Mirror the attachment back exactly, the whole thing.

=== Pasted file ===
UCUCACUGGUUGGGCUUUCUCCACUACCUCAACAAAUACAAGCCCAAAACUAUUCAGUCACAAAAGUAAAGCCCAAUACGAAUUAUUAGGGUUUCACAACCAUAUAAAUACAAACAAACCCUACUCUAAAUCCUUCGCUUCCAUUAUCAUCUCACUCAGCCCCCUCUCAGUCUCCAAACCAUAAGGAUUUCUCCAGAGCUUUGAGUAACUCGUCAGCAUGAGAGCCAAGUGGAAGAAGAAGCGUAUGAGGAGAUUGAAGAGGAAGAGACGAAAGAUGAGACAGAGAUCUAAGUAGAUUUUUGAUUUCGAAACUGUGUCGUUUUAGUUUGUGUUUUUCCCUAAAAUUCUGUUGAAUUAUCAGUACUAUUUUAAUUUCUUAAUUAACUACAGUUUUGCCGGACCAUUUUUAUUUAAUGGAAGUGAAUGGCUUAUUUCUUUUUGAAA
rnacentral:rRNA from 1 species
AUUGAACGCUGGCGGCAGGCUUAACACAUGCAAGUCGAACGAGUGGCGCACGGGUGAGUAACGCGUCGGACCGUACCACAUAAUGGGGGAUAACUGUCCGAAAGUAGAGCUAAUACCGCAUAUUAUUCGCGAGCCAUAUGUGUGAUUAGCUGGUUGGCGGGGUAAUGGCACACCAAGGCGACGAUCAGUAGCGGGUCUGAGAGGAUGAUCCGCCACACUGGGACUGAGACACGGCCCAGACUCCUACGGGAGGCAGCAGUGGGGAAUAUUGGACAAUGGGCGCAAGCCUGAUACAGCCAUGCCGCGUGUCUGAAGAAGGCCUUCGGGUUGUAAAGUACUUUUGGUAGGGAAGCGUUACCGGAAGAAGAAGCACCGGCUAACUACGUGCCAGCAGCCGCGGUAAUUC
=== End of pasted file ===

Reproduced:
UCUCACUGGUUGGGCUUUCUCCACUACCUCAACAAAUACAAGCCCAAAACUAUUCAGUCACAAAAGUAAAGCCCAAUACGAAUUAUUAGGGUUUCACAACCAUAUAAAUACAAACAAACCCUACUCUAAAUCCUUCGCUUCCAUUAUCAUCUCACUCAGCCCCCUCUCAGUCUCCAAACCAUAAGGAUUUCUCCAGAGCUUUGAGUAACUCGUCAGCAUGAGAGCCAAGUGGAAGAAGAAGCGUAUGAGGAGAUUGAAGAGGAAGAGACGAAAGAUGAGACAGAGAUCUAAGUAGAUUUUUGAUUUCGAAACUGUGUCGUUUUAGUUUGUGUUUUUCCCUAAAAUUCUGUUGAAUUAUCAGUACUAUUUUAAUUUCUUAAUUAACUACAGUUUUGCCGGACCAUUUUUAUUUAAUGGAAGUGAAUGGCUUAUUUCUUUUUGAAA
rnacentral:rRNA from 1 species
AUUGAACGCUGGCGGCAGGCUUAACACAUGCAAGUCGAACGAGUGGCGCACGGGUGAGUAACGCGUCGGACCGUACCACAUAAUGGGGGAUAACUGUCCGAAAGUAGAGCUAAUACCGCAUAUUAUUCGCGAGCCAUAUGUGUGAUUAGCUGGUUGGCGGGGUAAUGGCACACCAAGGCGACGAUCAGUAGCGGGUCUGAGAGGAUGAUCCGCCACACUGGGACUGAGACACGGCCCAGACUCCUACGGGAGGCAGCAGUGGGGAAUAUUGGACAAUGGGCGCAAGCCUGAUACAGCCAUGCCGCGUGUCUGAAGAAGGCCUUCGGGUUGUAAAGUACUUUUGGUAGGGAAGCGUUACCGGAAGAAGAAGCACCGGCUAACUACGUGCCAGCAGCCGCGGUAAUUC